SO3188 4313. On Arthur’s Stone Lane near the B4348 road about 1 mile north of Dorstone, overlooking the Golden Valley, stands the prehistoric monument known as Arthur’s Stone, a multi-chambered Neolithic burial tomb dating from 3,700-2,700 BC. The chamber stands upon a nearly circular low mound or bank 26 metres long orientated north to south, that is cut off by the country lane at the eastern side. The large capstone, now broken in two, is supported by nine upright stones or orthostats – the capstone is thought to weigh 25 tonnes.
The entrance passage-way at the north-west side is 4.6 metres long and inside there is the usual forecourt which consists of a series of stone slabs at intervals and an ante-chamber. There is a false entrance stone at the front side nearest the lane. Originally a mound of earth 3 metres high would have covered the whole chamber but this has eroded away over time.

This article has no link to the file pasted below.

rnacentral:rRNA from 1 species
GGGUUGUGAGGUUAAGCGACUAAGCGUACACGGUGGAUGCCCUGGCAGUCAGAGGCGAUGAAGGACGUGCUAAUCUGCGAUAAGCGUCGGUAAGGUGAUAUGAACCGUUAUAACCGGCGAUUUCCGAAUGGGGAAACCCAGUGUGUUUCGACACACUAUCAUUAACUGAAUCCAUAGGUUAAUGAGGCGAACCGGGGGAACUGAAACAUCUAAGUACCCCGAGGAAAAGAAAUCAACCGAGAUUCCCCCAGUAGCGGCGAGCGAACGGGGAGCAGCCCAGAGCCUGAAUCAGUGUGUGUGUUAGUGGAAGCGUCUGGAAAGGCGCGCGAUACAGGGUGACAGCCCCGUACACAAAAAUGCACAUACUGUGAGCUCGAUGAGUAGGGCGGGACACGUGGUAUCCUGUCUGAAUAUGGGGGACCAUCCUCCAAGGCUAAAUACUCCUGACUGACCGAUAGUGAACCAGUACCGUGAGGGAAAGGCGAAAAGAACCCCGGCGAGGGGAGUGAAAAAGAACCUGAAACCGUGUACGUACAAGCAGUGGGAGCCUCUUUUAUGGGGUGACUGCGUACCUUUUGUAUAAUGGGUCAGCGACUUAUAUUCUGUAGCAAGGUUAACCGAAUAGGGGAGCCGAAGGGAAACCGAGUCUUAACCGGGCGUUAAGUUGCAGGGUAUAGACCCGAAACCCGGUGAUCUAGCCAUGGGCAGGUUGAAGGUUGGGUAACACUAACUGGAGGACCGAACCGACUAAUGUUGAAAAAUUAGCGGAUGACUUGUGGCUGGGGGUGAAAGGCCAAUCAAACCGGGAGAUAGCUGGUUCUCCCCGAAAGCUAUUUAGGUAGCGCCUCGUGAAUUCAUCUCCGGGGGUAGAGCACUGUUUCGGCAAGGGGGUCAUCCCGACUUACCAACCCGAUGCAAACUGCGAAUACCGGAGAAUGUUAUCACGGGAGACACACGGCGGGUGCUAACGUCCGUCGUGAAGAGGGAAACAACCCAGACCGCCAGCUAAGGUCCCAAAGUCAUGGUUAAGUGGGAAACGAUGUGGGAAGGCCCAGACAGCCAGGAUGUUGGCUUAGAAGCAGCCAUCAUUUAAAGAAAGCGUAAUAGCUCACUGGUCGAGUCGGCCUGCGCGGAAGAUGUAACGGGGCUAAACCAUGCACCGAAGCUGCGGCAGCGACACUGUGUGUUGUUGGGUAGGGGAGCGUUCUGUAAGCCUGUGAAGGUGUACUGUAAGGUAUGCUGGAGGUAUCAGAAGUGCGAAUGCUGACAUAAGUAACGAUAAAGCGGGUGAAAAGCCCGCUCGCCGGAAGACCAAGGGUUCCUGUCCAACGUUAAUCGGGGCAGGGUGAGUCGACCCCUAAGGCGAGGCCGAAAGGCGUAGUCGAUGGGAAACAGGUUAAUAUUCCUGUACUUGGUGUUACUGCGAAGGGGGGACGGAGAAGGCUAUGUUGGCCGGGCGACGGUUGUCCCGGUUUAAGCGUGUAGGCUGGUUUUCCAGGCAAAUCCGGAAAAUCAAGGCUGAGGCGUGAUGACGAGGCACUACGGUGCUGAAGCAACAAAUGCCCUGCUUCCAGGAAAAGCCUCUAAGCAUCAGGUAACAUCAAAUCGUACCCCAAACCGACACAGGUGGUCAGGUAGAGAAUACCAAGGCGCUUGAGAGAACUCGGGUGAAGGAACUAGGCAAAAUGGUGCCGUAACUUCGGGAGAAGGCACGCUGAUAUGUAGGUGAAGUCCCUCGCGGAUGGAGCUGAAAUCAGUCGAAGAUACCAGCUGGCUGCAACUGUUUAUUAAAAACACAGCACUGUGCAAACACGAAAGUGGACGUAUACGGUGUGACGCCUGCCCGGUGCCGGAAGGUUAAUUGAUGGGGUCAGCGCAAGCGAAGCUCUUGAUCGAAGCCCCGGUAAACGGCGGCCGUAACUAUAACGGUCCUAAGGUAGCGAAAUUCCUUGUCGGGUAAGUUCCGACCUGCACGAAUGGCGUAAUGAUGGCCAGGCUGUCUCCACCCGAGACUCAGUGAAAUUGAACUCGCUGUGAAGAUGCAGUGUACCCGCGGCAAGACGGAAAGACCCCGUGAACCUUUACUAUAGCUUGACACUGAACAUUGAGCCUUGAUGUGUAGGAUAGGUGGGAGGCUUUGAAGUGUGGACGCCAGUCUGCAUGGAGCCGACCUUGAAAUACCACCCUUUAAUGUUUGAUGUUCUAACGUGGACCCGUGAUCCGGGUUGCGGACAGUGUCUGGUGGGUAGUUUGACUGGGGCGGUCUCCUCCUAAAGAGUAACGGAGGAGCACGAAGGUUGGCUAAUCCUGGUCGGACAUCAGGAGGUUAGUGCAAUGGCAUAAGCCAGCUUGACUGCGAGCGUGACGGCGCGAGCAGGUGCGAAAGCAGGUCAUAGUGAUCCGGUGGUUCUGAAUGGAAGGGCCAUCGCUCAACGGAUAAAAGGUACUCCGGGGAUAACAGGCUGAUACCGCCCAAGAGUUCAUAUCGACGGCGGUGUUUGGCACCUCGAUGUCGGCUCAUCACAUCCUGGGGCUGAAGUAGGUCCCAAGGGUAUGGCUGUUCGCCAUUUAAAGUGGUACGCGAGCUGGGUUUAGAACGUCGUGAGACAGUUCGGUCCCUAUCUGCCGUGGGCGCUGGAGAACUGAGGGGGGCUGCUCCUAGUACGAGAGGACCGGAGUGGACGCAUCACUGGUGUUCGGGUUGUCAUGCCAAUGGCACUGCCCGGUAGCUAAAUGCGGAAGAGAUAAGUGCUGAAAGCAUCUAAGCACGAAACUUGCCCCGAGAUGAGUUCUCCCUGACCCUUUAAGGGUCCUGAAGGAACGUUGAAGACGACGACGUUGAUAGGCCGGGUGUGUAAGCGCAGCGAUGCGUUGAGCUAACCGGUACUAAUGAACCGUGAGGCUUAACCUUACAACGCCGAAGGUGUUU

To the south of the chamber there is the Quoit Stone complete with cup-marks and another stone, perhaps a peristalith – the cup-marks on the quoit stone were made, according to local legend, by King Arthur’s elbows. Other legends tell of Arthur killing a giant here or the famous king himself being buried in the chamber, and even Arthur fighting in a battle close by. Otherwise King Arthur has no real associations with the monument because it pre-dates him by many thousands of years. But almost certainly Arthur, if he did exist, would have seen the burial chamber and recognised its purpose – a burial tomb that was built for a person of greatness and reverance in more ancient times.
Copyright © Ray Spencer, The Journal of Antiquities, 2012.